This is a best prospect industry sector for this country. Includes a market overview and trade data.
Argentina’s construction industry is experiencing a strong contraction. However, the industry is likely to start recovering when the COVID-19 pandemic subsides and the economic outlook stabilizes.
Although the Inter-American Development Bank and World Bank committed funding for new roads, rail, ports, and utilities under Argentina’s previous administration, there is now a shift in infrastructure priorities by sector and scalability. Recent developments indicate the Argentine government will have a greater role in the infrastructure sector. In the short term, the current administration is reportedly focused on small-scale infrastructure projects – in the US$20 million range – featuring opportunities for local companies leading to job creation, as well as some other projects that had been tendered and awarded under the previous administration. Public works priority areas include social housing, ports, roads, rail, and waterworks.
The government’s short-term investment plans worth US$310 million encompass public works on a water treatment plant in Corrientes, Highway 18 in Entre Rios, Route 40 in San Juan, and Provincial Route 8 in Buenos Aires. The water treatment project may present a business opportunity for U.S. water management consulting services, whereas the road construction will likely rely on local content/labor.
The San Martin cargo line, which connects the Province of Mendoza and the Port of Rosario, is likely to move forward in its first phase of modernization. These projects will be financed by China’s development bank, the Industrial and Commercial Bank of China and CMEC (China Machinery Engineering Corporation). Potential business opportunities for U.S. suppliers may arise in the signalling and automated control segments.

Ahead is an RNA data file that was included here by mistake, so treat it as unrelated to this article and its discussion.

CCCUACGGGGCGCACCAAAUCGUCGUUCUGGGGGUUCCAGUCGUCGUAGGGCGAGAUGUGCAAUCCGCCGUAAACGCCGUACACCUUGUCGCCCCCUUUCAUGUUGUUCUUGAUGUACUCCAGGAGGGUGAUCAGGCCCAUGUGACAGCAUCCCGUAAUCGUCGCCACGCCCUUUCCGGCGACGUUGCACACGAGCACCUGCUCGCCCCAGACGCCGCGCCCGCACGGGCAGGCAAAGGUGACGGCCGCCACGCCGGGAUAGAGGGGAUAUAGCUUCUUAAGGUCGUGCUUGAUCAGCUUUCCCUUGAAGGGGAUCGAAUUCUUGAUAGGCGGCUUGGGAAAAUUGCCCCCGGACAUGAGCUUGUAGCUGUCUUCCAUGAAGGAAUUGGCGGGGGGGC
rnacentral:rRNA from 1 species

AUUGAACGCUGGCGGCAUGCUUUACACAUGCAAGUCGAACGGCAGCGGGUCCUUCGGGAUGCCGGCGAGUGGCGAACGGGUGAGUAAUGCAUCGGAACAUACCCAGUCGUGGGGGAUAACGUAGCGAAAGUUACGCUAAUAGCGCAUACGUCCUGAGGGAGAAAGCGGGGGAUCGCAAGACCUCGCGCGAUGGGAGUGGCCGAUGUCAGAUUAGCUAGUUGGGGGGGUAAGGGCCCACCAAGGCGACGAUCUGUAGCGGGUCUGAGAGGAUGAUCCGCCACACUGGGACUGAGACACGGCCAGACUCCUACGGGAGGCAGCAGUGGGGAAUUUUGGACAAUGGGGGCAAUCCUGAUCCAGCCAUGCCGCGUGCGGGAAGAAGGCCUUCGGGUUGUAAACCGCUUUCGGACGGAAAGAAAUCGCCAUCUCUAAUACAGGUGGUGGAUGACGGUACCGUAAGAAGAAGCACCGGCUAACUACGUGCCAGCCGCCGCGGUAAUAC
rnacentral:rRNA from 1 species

Argentina’s water sector had been active under the previous administration, which enjoyed both national and multilateral funding. The World Bank-financed Salado River Project conceived to improve flood protection and water management in Buenos Aires province is in the advanced execution phase encompassing the dredging of about 125 miles of the river. The current administration plans to disburse funds throught its “Hace” Program to expand access to potable water networks and improve flood prevention and drainage systems in multiple urban areas. These projects may present business opportunities for U.S. water management consulting services.
Argentina’s fluvial superhighway, the hidrovía, links more than 80 Argentine ports on the Paraná and La Plata rivers, allowing more than 125 million tons of all types of cargo, 1.5 million containers, 750,000 vehicles, and (pre-pandemic) the arrival of 320,000 cruise passengers per year. Of Argentina’s agro-industrial production, which exceeds 90 million tons per year, 75 percent is dispatched from the Port of Rosario through the hidrovia. The current concession, which has been held by Belgian company Jan de Nul and the Argentine EMEPA since 1995, will expire in September 2021. The Government intends to administer the hidrovia’s management for a 12-month period while a new tender is prepared. New tenders for dredging, tolls, and signalling are expected to be issued, but the timelines are uncertain.
Ministry of Transport (Spanish)
Government of Argentina – Trains (Spanish)
Government of Argentina – Highways(Spanish)
Government of Argentina – Ports (Spanish)
Government of Argentina - Tenders (Spanish)
Government of Argentina – Hidrovia (Spanish)
For additional information, including market analysis, trade events, contacts, and the products and services that the U.S. Commercial Service can provide to help you succeed in the Argentine market, please contact Marcelo Amden, Industry Specialist.